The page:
D.H. Lawrence

 

 

 

Ironies abound in the saga of the nearly two years D.H. and Frieda Lawrence spent in the West Country.  Disillusioned by the patriotic fervor surrounding World War I and the suppression of his novel The Rainbow (1915; republished 1921), Lawrence fantasized about founding a utopian community in some idyllic setting.  He considered facetiously “’Thibet-or Kamschatka-or Tahiti—. . . the Ultima ultima ultima Thule’” (Letters 330) and more seriously, if equally improbably, Fort Meyers, Florida.  He finally washed up in Zennor, Cornwall, five miles from St. Ives on the north coast and, for England at least, the “ultima ultima Thule.”  Staying initially at the Tinners Arms, founded in 1271 and still the best—and only—pub in Zennor, Lawrence and Frieda moved to a two-room cottage at nearby Higher Tregerthen.  There they were briefly joined by Katherine Mansfield and John Middleton Murry, who quickly fled from the isolation, Lawrence’s philosophies,  and his violent quarrels with Frieda.

Lawrence enthused in his letters about the rugged beauty of the Cornish coast:  “The heather is all in blossom:  there are very many blackberries, heavy on the briars: we got some mushrooms on the cliffs yesterday, small and round in the close grass:  the sea was very beautiful, dark, dark blue, with heavy white foam swinging at the rocks” (Letters 608).  But friendships and events from the period—not the landscape—are what make their way into his fiction.  Lawrence completed the manuscript for Women in Love (1920) at Higher Tregerthen, and Middleton Murry and Katherine Mansfield are conventionally taken as models for its protagonists Gerald and Gudren, with Ursula and Birken inspired by Frieda and Lawrence himself.  More bitterly, the “Nightmare” chapter of the semi-autobiographical Kangaroo (1923) is drawn from the ordeal that, literally, drove the Lawrences from Cornwall.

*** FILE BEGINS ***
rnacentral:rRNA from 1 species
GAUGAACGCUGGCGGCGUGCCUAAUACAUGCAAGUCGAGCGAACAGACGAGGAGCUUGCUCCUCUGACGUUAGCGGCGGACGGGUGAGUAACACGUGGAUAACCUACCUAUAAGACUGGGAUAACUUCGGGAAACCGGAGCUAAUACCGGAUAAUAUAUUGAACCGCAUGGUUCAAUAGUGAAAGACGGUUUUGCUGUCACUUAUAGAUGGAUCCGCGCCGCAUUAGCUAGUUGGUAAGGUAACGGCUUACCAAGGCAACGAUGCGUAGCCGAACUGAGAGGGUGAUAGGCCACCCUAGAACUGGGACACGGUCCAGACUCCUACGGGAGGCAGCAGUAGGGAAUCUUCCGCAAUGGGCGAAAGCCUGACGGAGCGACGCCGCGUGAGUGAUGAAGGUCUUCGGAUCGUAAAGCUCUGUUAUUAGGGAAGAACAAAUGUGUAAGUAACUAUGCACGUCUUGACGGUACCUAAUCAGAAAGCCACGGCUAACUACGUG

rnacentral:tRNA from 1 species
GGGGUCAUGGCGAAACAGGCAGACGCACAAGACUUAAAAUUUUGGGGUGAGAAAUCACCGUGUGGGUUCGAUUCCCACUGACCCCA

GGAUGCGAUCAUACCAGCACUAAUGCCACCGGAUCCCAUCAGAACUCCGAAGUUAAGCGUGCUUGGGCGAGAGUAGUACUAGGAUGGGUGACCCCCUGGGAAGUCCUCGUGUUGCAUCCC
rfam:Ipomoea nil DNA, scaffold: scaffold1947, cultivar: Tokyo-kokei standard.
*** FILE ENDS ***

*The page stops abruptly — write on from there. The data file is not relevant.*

Like Lawrence, Kangaroo’s Somers is an outspoken critic of militarism:  “he hated the war and said so to the few Cornish people around.  .  .  . And because of his isolation and his absolute separateness he was marked out as a spy” (221). To make matters worse, Somers’s wife, like Frieda Lawrence, is German, a suspect status intensified in Frieda’s case by the fame of her cousin, the (Red) Baron von Richthofen. Rumors of the Somers’s betrayals proliferate:  “He and his wife carried food to supply German submarines.  They had secret stores of petrol in the cliffs.”  They couldn’t “hang out a towel on a bush” or paint their chimney without it being seen as “a signal to the Germans” (231).  The crisis comes at last when police and coast watchers break in on an evening of German folk songs, accusing the Somers and their friends of leaving a light burning in “a window facing the sea” (238).  They are ordered to leave Cornwall immediately, as the Lawrences themselves were on Oct 12, 1917.   Historically accurate in many details,“Nightmare” chronicles the demolition of Lawrence’s  Cornish utopia.

Burgess, Anthony.  Flame into Being:  The Life and Work of D.H. Lawrence. London:  Heinemann Ltd, 1985.
Lawrence, D.H.  Kangaroo.  London:  Heinemann Ltd., (1923) 1966.
Lawrence, D.H.  Women in Love  London:  Penguin Books, (1920) 1983.
Sagar, K.M.  The Life of D.H. Lawrence.  London:  Eyre Methuen Ltd 1980.
Zytaruk, George J. and James Boluton.  The Letters of D.H. Lawrence.  Cambridge:  Cambridge UP, 1981.

Zennor Headlands
Tinners Arms Pub, Zennor
Higher Tregerthen, Zennor, Cornwall

© Copyright Kim McMullen 2007